Posted by Rick Taylor on Oct 05, 2018

TOPIC: Issue 1 - would amend the Ohio Constitution — to reclassify low-level felonies for drug use and drug possession to misdemeanors. It would make mandatory the shifting of those incarcerated under such drug offenses from prison into treatment programs.


*Friday's program will feature Will Cooley and Fred Scott who will discuss the pros and cons of Issue 1.



Will Cooley is a historian of the 20th century United States.  His scholarly work examines race, labor relations, and social mobility.  He has published in the Journal of Urban History, the Journal of Sport and Social IssuesLabor History, and has also written entries for American Sports: A History of Icons, Idols, and Ideas and Multicultural America: A Multimedia Encyclopedia.  He has forthcoming articles in The Oxford Handbook on Immigration and Ethnicity and in an edited collection on African-American entrepreneurship in Chicago.  His current book project details racial discrimination and the making of the modern American middle class.

Cooley is also active in criminal justice reform efforts.  His articles have appeared in the Canton Repository and the Catholic Exponent.  In 2012, the Stark County Bar Association awarded him the Liberty Bell Award, which is presented annually to a citizen who has rendered outstanding service to the community. 

Cooley teaches a range of courses, including American Catholic History, 20th Century United States, African American History, Sport History, and the Industrial Revolution in the World. At Walsh University he has received the 2017-2018 Joseph Ezzie Outstanding Educator of the Year Award as well as the 2016 Faculty Service Award.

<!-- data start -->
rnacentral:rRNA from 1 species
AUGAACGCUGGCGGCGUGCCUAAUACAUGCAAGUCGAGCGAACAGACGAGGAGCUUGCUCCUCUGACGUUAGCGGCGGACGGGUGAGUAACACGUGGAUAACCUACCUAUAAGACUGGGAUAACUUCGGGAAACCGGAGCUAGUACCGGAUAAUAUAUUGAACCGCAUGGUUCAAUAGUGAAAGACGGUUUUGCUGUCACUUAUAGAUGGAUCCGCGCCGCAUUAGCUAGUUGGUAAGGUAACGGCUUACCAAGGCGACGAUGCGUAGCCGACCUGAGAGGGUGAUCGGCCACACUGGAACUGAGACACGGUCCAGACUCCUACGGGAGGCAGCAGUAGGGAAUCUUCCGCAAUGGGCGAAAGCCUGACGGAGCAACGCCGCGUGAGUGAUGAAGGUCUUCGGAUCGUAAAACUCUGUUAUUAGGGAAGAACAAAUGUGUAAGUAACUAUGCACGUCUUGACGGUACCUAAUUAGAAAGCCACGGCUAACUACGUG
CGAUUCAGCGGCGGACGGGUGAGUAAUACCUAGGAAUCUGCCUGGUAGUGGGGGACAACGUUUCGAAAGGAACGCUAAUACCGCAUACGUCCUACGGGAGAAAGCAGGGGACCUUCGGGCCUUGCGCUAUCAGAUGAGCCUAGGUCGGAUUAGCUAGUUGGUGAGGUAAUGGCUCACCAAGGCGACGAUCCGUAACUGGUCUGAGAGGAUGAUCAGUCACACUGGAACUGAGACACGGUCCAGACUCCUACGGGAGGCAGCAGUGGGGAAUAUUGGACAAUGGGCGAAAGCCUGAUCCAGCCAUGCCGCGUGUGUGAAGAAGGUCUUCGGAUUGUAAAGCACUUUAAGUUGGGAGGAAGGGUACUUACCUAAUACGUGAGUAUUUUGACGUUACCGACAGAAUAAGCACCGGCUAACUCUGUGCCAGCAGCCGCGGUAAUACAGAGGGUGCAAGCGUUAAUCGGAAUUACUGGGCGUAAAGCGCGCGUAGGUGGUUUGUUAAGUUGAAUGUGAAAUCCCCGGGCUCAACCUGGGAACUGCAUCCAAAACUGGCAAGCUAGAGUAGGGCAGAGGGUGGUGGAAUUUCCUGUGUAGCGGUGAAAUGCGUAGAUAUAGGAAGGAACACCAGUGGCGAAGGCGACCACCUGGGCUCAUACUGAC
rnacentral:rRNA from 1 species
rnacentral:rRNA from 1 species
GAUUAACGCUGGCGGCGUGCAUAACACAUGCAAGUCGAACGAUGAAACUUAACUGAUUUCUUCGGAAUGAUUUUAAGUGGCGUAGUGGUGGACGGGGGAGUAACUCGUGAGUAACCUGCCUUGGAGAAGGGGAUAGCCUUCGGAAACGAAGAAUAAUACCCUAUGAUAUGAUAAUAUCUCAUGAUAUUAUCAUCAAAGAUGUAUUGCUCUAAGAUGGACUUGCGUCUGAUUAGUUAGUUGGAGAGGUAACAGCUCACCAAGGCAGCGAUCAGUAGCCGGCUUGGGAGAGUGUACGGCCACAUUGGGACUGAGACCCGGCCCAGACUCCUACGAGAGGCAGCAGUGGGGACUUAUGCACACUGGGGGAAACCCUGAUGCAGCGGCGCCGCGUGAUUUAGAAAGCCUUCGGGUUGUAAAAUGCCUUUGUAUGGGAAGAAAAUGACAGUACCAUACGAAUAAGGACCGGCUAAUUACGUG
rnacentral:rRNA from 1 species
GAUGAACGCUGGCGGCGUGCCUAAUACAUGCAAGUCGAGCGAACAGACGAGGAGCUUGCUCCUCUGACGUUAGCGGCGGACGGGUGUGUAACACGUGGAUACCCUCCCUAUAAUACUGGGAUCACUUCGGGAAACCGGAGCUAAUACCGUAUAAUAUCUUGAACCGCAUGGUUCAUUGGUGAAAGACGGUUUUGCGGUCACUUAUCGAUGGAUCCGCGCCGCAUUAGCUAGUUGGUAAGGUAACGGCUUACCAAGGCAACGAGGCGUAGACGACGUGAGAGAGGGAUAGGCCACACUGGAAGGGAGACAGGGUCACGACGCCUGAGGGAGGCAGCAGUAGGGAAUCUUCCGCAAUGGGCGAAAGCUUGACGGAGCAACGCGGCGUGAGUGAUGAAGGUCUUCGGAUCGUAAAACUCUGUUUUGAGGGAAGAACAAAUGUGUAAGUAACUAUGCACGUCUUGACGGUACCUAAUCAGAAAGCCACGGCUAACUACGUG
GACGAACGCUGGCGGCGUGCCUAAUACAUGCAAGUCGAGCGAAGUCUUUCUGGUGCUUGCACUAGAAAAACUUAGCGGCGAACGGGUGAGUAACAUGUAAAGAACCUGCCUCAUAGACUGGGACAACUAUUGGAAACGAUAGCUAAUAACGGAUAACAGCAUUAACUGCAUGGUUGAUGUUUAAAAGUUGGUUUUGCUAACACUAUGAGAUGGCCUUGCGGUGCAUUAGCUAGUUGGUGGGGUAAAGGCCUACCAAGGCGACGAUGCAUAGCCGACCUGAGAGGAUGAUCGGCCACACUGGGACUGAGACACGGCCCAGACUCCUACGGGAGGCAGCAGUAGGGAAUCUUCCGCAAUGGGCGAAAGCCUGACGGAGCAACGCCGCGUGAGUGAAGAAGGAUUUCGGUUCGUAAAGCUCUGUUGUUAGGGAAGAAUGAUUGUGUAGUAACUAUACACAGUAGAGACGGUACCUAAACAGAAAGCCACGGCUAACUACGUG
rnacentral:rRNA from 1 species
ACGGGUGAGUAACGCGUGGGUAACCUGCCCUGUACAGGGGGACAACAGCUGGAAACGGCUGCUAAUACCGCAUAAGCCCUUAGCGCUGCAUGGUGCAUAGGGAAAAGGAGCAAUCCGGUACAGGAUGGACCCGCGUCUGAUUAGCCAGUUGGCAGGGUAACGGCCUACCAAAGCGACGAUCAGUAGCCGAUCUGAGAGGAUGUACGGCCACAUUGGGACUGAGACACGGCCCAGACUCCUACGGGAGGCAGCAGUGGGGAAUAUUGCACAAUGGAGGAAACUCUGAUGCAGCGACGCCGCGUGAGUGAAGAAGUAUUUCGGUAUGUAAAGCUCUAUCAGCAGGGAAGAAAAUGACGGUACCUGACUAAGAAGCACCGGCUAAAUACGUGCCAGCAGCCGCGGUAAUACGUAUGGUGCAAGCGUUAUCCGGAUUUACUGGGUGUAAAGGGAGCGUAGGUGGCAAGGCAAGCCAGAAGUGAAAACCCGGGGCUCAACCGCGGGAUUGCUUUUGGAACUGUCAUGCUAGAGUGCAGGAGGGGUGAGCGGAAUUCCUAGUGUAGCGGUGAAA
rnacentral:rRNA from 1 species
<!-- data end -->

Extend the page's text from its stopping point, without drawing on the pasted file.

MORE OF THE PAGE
Cooley lives in North Canton with his wife, Melissa Kath, and daughter, Ella.  


Fred Scott is the Chief Criminal Prosecutor for Stark County, having been appointed to that position by Stark County Prosecutor John D. Ferrero in January 2018.  A Stark County native, Scott joined the prosecutor's office in a part-time capacity in March 1997 and then full time in January, 2000.  He worked initially in the appellate division, and defended over three hundred guilty jury verdicts before the Fifth District Court of Appeals and the Ohio Supreme Court.   Before the Ohio Supreme Court, Scott successfully defended the constitutionality of Ohio's 1996 truth in sentencing law and the constitutionality of Ohio's sex offender registry statute (Megan's law).
Scott began working as a felony trial attorney in March 2003.  He has served as a courtroom attorney for seven different common pleas court judges and has prosecuted all levels of felonies, from F5 drug possession to Aggravated Murder.  He served on Judge Taryn Heath's committee to form the Stark County Honor Court (a treatment court for veterans) and was prosecutor's representative to the court from its formation in May, 2011 until May, 2018.
In July 2015, Prosecutor Ferrero named Scott the Assistant Chief Criminal Prosecutor to replace Chryssa Hartnett after she was elected as a Judge for the Stark County Common Pleas Court.  His duties having included supervising the Child Abuse and Domestic Violence units, implementing Ohio's Good Samaritan Law for opiate and other drug overdoses, and office management.  He also continued to prosecute major felony and homicide cases.
As Chief Criminal Prosecutor, Scott is responsible for the operation of the county's criminal division which includes trial, appellate, and grand jury sections.   He supervises fifteen other trial and appellate attorneys, as well as nine administrative assistants and paralegal secretaries.  And he continues to prosecute major felony and homicide cases.
Before joining the prosecutor's office, Scott worked as a law clerk for Judge Clair Dickinson and the late Judge Mary Cacioppo at the Ninth District Court of Appeals in Summit County (1992 - 1994) and spent six years in private practice (1994-2000).  He received both his law (1992) and undergraduate (1989) degrees from the University of Notre Dame.